Don't believe me? Oh, I don't blame you, here, check those out...

www.deafpilots.org (http://www.deafpilots.org)

www.deafskydivers.org (http://www.deafskydivers.org)

We're all in the same boat, even people with no disabilities. Everybody has something that they are not good at, hence they are handicapped in one way or another.

03-18-2007, 10:01 PM
I know of one simmer in here who has a few disabling ailments. Nice guy and everyone knows him. He wants his identity hidden and I respect that. In a PT discussion he said that IL-2 saved him from a 9mm.

I wonder if Oleg has ever pondered the indirect effects of his work.

03-19-2007, 06:44 AM
Another severe 'disablo' here.

A 9mm would have been ok some years ago, but I have a family now, and I anyway thought that mocking the gods by enduring a lifetime in my condition, and with a mad grin, is more my style, and much more annoying. http://forums.ubi.com/images/smilies/winky.gif

I just had to re-arange some philophosies :
"why do it the hard way when you can do it the easy way" to 'why do it the easy way when you can do it the hard way".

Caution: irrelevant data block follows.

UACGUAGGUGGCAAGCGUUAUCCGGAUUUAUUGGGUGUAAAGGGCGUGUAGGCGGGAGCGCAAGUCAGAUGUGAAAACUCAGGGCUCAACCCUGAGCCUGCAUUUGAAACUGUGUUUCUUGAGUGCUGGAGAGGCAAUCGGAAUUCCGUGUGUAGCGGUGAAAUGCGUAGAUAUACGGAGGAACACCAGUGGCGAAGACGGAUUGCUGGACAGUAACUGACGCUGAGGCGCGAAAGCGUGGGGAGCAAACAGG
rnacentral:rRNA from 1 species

"If u can't do what u wan't, u have to wan't what u can."

That sort of thing.

Perhaps we should put together a 'Disablo' squad?

I can see before me a situation where someone in the 'disablo'- formation asks where they're heading, and the leader replies "I have no clue. I'm blind on one eye and the other is of glass." http://forums.ubi.com/groupee_common/emoticons/icon_rolleyes.gif

It would be unique in flightsim history.

03-19-2007, 08:21 AM
Ha ha ha http://forums.ubi.com/groupee_common/emoticons/icon_biggrin.gif

You know, there's something I hadn't considered before BillyTheKid joined our ranks.

One thing that really annoys me is joining a server and having others rudely demand I use teamspeak. I don't use it cause I can't comprehend the noise. I have a problem distinguishing sounds when there is more than one. I wonder if Billy's ever experienced rude simmer demanding he use teamspeak.

BTW, strangly, in class I can monitor 10 conversations at the same time and pick up any grammar or mispronunciation mistakes. http://forums.ubi.com/images/smilies/blink.gif

03-19-2007, 08:37 AM